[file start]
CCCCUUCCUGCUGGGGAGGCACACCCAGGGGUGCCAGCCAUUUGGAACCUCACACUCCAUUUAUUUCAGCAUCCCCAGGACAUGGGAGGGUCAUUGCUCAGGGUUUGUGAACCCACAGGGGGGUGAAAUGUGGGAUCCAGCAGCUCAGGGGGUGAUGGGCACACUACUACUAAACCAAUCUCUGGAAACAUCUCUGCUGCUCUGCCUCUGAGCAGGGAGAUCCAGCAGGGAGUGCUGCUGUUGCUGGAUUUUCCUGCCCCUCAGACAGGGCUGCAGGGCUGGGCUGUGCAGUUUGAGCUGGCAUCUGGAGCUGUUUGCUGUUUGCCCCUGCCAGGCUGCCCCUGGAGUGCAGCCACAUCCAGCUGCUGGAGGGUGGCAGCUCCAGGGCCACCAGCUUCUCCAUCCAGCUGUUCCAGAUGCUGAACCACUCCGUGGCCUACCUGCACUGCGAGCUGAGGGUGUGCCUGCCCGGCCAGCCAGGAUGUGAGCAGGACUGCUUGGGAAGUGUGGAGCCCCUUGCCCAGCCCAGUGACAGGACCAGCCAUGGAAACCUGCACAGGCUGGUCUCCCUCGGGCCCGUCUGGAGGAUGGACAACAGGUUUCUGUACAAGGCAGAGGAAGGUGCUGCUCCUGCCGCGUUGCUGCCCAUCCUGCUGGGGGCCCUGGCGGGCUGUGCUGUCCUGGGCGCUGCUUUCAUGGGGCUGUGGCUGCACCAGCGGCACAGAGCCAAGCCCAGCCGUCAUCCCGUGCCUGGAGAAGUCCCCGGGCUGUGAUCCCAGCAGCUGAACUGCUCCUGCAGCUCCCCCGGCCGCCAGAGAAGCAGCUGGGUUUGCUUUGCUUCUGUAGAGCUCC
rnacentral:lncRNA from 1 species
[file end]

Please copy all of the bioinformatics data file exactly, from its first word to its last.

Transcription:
CCCCUUCCUGCUGGGGAGGCACACCCAGGGGUGCCAGCCAUUUGGAACCUCACACUCCAUUUAUUUCAGCAUCCCCAGGACAUGGGAGGGUCAUUGCUCAGGGUUUGUGAACCCACAGGGGGGUGAAAUGUGGGAUCCAGCAGCUCAGGGGGUGAUGGGCACACUACUACUAAACCAAUCUCUGGAAACAUCUCUGCUGCUCUGCCUCUGAGCAGGGAGAUCCAGCAGGGAGUGCUGCUGUUGCUGGAUUUUCCUGCCCCUCAGACAGGGCUGCAGGGCUGGGCUGUGCAGUUUGAGCUGGCAUCUGGAGCUGUUUGCUGUUUGCCCCUGCCAGGCUGCCCCUGGAGUGCAGCCACAUCCAGCUGCUGGAGGGUGGCAGCUCCAGGGCCACCAGCUUCUCCAUCCAGCUGUUCCAGAUGCUGAACCACUCCGUGGCCUACCUGCACUGCGAGCUGAGGGUGUGCCUGCCCGGCCAGCCAGGAUGUGAGCAGGACUGCUUGGGAAGUGUGGAGCCCCUUGCCCAGCCCAGUGACAGGACCAGCCAUGGAAACCUGCACAGGCUGGUCUCCCUCGGGCCCGUCUGGAGGAUGGACAACAGGUUUCUGUACAAGGCAGAGGAAGGUGCUGCUCCUGCCGCGUUGCUGCCCAUCCUGCUGGGGGCCCUGGCGGGCUGUGCUGUCCUGGGCGCUGCUUUCAUGGGGCUGUGGCUGCACCAGCGGCACAGAGCCAAGCCCAGCCGUCAUCCCGUGCCUGGAGAAGUCCCCGGGCUGUGAUCCCAGCAGCUGAACUGCUCCUGCAGCUCCCCCGGCCGCCAGAGAAGCAGCUGGGUUUGCUUUGCUUCUGUAGAGCUCC
rnacentral:lncRNA from 1 species